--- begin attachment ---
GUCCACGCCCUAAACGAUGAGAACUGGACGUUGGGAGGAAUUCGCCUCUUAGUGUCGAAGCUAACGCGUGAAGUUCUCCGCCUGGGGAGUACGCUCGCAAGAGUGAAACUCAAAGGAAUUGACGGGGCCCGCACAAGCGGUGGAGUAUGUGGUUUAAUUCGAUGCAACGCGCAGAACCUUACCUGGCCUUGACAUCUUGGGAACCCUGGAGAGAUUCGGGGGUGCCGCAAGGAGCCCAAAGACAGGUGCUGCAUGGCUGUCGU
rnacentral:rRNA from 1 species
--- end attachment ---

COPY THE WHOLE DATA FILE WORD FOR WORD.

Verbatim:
GUCCACGCCCUAAACGAUGAGAACUGGACGUUGGGAGGAAUUCGCCUCUUAGUGUCGAAGCUAACGCGUGAAGUUCUCCGCCUGGGGAGUACGCUCGCAAGAGUGAAACUCAAAGGAAUUGACGGGGCCCGCACAAGCGGUGGAGUAUGUGGUUUAAUUCGAUGCAACGCGCAGAACCUUACCUGGCCUUGACAUCUUGGGAACCCUGGAGAGAUUCGGGGGUGCCGCAAGGAGCCCAAAGACAGGUGCUGCAUGGCUGUCGU
rnacentral:rRNA from 1 species